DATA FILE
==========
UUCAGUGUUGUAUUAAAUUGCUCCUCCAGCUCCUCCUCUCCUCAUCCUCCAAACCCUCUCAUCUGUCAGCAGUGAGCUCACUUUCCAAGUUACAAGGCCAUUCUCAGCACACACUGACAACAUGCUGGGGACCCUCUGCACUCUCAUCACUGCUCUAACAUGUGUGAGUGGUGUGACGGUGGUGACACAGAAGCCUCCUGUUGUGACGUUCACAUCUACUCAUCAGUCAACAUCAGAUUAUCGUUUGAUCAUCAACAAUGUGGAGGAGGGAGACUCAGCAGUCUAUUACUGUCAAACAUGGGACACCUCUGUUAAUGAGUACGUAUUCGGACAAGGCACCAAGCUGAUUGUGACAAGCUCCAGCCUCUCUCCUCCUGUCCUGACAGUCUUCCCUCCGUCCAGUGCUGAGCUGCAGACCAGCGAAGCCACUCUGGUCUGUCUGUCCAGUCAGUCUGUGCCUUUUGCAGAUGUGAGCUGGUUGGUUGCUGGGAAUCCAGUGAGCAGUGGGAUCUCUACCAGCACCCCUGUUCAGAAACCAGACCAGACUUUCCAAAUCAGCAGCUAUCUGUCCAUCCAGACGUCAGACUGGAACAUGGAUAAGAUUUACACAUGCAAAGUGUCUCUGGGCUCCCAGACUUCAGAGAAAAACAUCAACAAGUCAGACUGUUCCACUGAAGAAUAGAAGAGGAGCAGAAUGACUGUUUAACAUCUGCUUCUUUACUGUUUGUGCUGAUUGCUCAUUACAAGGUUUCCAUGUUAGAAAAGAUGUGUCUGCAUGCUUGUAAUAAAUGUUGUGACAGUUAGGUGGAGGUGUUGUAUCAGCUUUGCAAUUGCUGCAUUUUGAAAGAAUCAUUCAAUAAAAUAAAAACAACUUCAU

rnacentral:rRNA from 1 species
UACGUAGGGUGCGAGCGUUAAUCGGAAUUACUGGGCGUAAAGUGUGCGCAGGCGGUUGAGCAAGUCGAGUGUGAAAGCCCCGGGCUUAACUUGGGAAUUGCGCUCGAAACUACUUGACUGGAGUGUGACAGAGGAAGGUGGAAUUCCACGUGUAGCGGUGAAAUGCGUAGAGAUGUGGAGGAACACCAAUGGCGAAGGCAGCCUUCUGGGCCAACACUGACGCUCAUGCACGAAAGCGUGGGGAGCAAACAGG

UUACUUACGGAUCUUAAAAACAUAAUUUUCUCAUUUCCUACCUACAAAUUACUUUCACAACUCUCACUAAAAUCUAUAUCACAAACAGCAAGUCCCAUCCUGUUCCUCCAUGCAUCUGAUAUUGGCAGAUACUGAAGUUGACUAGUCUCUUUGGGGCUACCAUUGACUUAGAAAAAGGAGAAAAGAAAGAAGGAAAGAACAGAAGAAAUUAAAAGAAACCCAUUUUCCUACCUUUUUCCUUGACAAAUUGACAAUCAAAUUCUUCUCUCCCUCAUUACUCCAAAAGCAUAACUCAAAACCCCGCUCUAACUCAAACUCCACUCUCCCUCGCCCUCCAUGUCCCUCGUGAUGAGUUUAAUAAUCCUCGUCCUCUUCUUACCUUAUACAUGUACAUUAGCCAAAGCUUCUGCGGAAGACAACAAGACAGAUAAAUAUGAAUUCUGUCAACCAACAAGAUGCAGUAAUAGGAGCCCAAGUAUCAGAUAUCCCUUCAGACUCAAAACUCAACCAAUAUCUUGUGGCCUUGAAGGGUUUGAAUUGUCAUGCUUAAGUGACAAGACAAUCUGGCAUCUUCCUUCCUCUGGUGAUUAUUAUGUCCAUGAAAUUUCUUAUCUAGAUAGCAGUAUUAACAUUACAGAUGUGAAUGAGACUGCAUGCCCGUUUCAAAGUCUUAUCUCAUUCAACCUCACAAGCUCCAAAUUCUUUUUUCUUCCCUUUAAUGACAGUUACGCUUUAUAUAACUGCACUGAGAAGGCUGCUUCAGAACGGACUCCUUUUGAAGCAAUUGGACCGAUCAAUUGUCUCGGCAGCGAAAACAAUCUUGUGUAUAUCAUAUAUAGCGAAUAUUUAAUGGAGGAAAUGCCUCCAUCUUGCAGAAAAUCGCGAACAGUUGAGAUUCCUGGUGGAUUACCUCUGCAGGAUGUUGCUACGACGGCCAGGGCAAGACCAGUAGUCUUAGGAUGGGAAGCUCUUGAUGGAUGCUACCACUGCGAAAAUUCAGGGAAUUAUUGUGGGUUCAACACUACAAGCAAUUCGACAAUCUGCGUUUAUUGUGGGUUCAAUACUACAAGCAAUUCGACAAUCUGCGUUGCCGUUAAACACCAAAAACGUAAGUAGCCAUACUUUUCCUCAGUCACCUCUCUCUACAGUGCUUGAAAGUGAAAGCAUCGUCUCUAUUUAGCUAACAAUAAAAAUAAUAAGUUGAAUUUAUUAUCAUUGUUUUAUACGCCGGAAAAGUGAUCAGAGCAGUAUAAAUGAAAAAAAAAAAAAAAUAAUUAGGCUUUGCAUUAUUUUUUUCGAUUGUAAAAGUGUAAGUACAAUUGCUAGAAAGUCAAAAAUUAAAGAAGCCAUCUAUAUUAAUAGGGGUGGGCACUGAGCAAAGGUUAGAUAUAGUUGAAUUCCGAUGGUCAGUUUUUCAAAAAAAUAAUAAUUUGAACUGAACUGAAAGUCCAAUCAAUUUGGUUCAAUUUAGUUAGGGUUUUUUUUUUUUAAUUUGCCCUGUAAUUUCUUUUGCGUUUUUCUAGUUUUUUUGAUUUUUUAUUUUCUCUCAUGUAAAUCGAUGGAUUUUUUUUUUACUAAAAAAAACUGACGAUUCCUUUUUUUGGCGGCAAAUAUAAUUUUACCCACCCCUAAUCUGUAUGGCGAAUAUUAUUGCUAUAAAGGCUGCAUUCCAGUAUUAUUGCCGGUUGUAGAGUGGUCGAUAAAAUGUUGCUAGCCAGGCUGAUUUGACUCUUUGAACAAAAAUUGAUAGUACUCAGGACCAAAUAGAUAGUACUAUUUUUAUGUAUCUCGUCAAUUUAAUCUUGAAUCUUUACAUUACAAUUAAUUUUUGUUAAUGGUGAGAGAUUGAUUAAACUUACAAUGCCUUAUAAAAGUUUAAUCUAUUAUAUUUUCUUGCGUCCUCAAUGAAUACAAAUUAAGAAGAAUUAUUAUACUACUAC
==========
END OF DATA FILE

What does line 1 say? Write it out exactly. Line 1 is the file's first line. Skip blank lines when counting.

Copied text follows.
UUCAGUGUUGUAUUAAAUUGCUCCUCCAGCUCCUCCUCUCCUCAUCCUCCAAACCCUCUCAUCUGUCAGCAGUGAGCUCACUUUCCAAGUUACAAGGCCAUUCUCAGCACACACUGACAACAUGCUGGGGACCCUCUGCACUCUCAUCACUGCUCUAACAUGUGUGAGUGGUGUGACGGUGGUGACACAGAAGCCUCCUGUUGUGACGUUCACAUCUACUCAUCAGUCAACAUCAGAUUAUCGUUUGAUCAUCAACAAUGUGGAGGAGGGAGACUCAGCAGUCUAUUACUGUCAAACAUGGGACACCUCUGUUAAUGAGUACGUAUUCGGACAAGGCACCAAGCUGAUUGUGACAAGCUCCAGCCUCUCUCCUCCUGUCCUGACAGUCUUCCCUCCGUCCAGUGCUGAGCUGCAGACCAGCGAAGCCACUCUGGUCUGUCUGUCCAGUCAGUCUGUGCCUUUUGCAGAUGUGAGCUGGUUGGUUGCUGGGAAUCCAGUGAGCAGUGGGAUCUCUACCAGCACCCCUGUUCAGAAACCAGACCAGACUUUCCAAAUCAGCAGCUAUCUGUCCAUCCAGACGUCAGACUGGAACAUGGAUAAGAUUUACACAUGCAAAGUGUCUCUGGGCUCCCAGACUUCAGAGAAAAACAUCAACAAGUCAGACUGUUCCACUGAAGAAUAGAAGAGGAGCAGAAUGACUGUUUAACAUCUGCUUCUUUACUGUUUGUGCUGAUUGCUCAUUACAAGGUUUCCAUGUUAGAAAAGAUGUGUCUGCAUGCUUGUAAUAAAUGUUGUGACAGUUAGGUGGAGGUGUUGUAUCAGCUUUGCAAUUGCUGCAUUUUGAAAGAAUCAUUCAAUAAAAUAAAAACAACUUCAU